One of the CloudBerry advantages is support for block-level backup. Block-level backup identifies the modified parts of a file (or disk sector in case of image-based backup) and only backs up those modifications. This improves backup speed and reduces backup storage.
In CloudBerry Backup 5.8, we’re improving VMware backup with our support for VMware's Changed Block Tracking (CBT).
What Is Block-Level Backup?
Block-level backup is a type of backup that allows you to back up only modified parts of the files instead of running a full backup every time the file is changed. Block-level backup takes less bandwidth for regular backups and reduces the backup time.
Today we will discuss the main difference between full and block-level backup, and also everything that you should take into account when performing block-level file upload. Continue reading
Block-level backup is a great way to expedite the backup process and eliminate certain inefficiencies. While previously we extensively covered the essence of block level file upload, it seems that some users are still confused as to the application of this feature to their backup practices. With that in mind, we’ve decided to write this article to clarify the frequent use-cases of block level file upload and to explain when it’s better to avoid using it.
Our team has been laboring day and night for the last two months to bring you the latest iteration of our flagship backup product—CloudBerry Backup 5.6. The latest version packs a number of highly-requested features that will enable users to enhance the backup automation and performance. In this blog post we elaborate on all new features.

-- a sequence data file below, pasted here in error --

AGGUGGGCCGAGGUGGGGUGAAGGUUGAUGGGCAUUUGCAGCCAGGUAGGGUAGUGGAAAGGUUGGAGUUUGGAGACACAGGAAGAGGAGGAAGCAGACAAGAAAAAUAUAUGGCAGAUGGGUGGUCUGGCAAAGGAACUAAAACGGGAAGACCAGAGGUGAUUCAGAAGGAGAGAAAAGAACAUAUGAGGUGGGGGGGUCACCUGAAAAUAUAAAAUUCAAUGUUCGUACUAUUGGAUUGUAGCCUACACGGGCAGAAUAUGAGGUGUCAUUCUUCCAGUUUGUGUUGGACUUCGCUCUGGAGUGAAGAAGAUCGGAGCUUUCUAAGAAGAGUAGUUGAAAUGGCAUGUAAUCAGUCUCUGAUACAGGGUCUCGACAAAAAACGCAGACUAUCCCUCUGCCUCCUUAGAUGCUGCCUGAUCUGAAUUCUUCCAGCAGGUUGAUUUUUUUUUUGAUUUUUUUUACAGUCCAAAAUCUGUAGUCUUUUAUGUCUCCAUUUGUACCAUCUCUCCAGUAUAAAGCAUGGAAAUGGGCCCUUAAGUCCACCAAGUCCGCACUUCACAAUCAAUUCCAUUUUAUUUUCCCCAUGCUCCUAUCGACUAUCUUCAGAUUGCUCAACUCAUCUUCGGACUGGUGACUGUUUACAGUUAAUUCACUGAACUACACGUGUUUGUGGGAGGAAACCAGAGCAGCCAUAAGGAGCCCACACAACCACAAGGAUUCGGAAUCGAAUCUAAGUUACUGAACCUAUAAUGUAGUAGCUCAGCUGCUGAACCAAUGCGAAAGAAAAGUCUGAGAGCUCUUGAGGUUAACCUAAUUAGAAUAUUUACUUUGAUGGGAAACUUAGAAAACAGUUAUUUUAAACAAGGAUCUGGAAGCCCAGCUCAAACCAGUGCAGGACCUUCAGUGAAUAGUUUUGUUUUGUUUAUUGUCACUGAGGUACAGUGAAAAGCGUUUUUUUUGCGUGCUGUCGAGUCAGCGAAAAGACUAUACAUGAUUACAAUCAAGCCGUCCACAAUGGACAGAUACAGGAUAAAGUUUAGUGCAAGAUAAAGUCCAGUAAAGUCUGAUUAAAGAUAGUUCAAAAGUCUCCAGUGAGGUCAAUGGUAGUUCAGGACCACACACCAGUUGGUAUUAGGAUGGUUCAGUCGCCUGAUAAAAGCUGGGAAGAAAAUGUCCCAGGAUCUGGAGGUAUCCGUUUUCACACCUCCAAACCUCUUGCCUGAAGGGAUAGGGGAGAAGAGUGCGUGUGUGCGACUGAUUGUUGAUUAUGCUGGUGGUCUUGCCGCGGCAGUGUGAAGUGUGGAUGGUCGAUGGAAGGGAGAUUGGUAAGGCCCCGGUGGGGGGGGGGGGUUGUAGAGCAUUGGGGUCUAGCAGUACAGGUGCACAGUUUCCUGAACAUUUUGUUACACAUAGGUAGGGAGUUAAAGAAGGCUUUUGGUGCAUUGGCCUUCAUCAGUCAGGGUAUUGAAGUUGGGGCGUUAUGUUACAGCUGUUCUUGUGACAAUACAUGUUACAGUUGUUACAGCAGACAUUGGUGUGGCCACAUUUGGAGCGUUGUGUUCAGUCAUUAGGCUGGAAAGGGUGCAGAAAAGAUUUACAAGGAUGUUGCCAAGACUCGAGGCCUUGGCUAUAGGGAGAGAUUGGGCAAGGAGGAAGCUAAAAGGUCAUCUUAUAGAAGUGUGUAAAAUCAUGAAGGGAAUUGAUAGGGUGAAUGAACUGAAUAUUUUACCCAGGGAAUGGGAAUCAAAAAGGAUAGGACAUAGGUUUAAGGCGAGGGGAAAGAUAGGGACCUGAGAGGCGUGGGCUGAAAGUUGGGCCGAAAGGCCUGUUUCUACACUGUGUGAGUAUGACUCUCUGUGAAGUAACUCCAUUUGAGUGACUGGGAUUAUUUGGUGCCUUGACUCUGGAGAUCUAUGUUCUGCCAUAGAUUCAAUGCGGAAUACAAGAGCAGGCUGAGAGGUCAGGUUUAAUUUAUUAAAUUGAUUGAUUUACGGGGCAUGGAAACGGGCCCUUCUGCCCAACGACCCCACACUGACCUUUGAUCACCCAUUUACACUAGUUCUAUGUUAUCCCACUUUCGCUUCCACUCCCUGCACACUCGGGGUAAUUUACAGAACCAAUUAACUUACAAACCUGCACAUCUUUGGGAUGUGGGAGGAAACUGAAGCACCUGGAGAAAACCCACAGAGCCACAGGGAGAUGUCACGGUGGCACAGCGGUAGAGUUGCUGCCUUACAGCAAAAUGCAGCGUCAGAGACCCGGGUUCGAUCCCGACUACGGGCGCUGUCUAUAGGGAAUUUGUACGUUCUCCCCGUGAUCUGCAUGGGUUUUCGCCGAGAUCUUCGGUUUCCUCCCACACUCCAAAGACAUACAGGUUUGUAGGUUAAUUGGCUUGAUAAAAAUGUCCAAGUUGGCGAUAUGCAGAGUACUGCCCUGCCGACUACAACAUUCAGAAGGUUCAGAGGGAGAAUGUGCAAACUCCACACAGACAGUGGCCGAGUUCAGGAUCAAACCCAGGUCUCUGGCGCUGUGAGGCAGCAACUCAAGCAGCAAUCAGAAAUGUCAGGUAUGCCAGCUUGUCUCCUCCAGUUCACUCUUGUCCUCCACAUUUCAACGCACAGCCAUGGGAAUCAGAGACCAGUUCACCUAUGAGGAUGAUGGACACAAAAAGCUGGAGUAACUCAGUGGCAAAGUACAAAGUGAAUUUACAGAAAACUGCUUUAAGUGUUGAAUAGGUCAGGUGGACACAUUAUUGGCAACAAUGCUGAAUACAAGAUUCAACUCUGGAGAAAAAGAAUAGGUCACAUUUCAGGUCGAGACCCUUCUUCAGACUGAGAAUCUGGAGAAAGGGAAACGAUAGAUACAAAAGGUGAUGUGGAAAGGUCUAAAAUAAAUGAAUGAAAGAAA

CloudBerry Backup supports block-level backup for numerous cloud storage providers. In release 5.6 we expand the list and bring the functionality over to Backblaze B2. This article demonstrates how to take advantage of the novelty.
CloudBerry Backup supports a broad range of cloud storage providers and one of them is Backblaze. In this guide we are going to explain how to create an image based backup using a B2 Cloud Storage as a cloud repository. Of course, we will also explain a restoration process.
With release of updated CloudBerry Backup 5.1 we have introduced its new feature – the ability to resize NTFS partitions during image based restoration. It allows maintaining the desired volume size irrespective the backup. Let's take a closer look at this feature.
CloudBerry is glad to introduce block-level backup support for Bare Metal / System State backup. Starting from now, you can restore your entire system from scratch as an efficiently organized block-level backup, with only modified files kept. This post explains how to benefit from this new opportunity and how to use it.
CloudBerry announces block-level backup support across all cloud storage providers. From this moment you can enjoy advantages of block-level backup on every cloud storage you use for the backup. This post explains how to enable Block-level backup for your backup plan.
One of the things that were not very clear in the previous version is how to schedule full backup again. This might be necessary for the following reasons:
1. The total size of differential backups outgrow the size of the full backup.
2. To make for a more efficient restore so that you don't have to restore one year old full backup and then roll over a large number of differential backups
3. To make more efficient retention where you can purge older unnecessary differential backups after the new full backup is completed.
The newer version of CloudBerry Backup 2.6.2 comes with the ability to force schedule full backup. We have introduced an additional step called Block Level Backup. Continue reading